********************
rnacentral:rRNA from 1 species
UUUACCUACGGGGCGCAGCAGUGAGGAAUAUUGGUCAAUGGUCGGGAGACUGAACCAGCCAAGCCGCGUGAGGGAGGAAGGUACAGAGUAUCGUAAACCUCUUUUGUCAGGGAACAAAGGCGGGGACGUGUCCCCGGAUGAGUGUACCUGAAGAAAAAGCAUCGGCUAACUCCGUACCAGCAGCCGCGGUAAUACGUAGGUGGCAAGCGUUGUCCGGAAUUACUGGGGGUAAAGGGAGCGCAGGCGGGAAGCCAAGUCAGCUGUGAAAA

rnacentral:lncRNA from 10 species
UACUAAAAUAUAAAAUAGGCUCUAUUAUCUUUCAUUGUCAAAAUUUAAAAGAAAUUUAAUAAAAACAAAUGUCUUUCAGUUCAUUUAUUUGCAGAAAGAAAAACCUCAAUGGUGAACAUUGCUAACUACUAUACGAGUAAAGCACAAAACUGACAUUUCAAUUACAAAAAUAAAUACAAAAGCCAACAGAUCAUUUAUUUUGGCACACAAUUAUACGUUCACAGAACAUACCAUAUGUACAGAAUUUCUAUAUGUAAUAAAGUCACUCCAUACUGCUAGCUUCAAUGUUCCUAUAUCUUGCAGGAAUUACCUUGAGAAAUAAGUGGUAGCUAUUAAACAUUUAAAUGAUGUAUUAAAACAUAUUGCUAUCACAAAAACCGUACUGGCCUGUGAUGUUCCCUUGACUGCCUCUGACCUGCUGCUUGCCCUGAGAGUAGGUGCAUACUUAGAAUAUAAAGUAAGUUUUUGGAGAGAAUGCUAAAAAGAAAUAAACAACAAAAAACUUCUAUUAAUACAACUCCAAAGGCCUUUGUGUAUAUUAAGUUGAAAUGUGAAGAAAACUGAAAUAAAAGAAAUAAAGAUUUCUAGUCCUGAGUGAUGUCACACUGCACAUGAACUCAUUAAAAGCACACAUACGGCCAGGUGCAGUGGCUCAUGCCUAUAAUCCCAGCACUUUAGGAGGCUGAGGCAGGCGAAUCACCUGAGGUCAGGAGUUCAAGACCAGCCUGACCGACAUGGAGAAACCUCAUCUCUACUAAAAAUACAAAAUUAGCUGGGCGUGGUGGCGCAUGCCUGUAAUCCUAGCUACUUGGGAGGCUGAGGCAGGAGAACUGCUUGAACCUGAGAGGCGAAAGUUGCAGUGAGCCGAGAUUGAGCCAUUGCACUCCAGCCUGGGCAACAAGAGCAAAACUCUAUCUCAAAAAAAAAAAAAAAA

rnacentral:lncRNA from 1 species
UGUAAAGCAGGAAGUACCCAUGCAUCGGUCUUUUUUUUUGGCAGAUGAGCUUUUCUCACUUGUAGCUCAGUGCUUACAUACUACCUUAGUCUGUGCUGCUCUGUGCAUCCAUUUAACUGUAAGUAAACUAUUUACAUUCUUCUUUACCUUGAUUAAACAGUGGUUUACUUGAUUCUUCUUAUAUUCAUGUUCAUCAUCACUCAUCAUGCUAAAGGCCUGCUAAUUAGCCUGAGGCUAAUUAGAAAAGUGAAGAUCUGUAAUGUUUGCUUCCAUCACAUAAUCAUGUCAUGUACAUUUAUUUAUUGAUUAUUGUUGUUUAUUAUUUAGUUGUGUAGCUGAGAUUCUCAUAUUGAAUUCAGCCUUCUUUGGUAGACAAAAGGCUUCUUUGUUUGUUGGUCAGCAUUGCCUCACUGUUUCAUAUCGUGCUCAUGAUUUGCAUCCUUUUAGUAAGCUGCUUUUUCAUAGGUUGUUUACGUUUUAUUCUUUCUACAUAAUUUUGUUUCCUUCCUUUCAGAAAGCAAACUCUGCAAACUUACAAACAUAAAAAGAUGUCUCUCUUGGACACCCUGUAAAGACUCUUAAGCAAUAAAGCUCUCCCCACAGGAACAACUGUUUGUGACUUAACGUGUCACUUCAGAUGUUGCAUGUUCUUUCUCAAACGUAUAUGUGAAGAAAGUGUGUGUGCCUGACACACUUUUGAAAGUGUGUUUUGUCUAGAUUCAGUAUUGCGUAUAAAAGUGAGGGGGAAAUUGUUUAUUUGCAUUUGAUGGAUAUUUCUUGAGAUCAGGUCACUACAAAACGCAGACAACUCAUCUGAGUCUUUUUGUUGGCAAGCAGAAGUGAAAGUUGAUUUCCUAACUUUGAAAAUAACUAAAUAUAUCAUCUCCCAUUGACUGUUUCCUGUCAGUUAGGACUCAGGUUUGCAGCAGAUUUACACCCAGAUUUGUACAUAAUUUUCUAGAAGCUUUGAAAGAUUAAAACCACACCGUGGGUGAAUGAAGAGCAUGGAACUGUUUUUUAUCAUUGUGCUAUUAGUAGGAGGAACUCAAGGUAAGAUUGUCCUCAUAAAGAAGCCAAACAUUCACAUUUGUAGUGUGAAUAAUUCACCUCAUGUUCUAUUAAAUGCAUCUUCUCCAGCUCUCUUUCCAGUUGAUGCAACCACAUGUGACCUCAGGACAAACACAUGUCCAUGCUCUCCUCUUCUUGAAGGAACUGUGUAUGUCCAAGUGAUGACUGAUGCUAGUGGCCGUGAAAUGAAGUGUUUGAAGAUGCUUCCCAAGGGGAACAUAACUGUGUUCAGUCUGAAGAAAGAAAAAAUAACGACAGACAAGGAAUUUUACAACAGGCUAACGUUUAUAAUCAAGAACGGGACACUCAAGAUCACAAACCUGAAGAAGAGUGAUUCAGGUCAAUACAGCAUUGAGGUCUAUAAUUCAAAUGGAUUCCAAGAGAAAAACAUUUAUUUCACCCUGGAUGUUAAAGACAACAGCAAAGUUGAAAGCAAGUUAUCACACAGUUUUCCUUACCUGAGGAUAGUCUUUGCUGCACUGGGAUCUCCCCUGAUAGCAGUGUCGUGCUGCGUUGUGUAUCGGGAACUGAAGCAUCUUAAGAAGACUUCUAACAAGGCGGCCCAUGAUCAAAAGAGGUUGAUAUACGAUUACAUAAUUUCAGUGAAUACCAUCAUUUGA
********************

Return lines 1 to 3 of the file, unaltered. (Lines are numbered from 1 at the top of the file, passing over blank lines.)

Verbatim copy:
rnacentral:rRNA from 1 species
UUUACCUACGGGGCGCAGCAGUGAGGAAUAUUGGUCAAUGGUCGGGAGACUGAACCAGCCAAGCCGCGUGAGGGAGGAAGGUACAGAGUAUCGUAAACCUCUUUUGUCAGGGAACAAAGGCGGGGACGUGUCCCCGGAUGAGUGUACCUGAAGAAAAAGCAUCGGCUAACUCCGUACCAGCAGCCGCGGUAAUACGUAGGUGGCAAGCGUUGUCCGGAAUUACUGGGGGUAAAGGGAGCGCAGGCGGGAAGCCAAGUCAGCUGUGAAAA

rnacentral:lncRNA from 10 species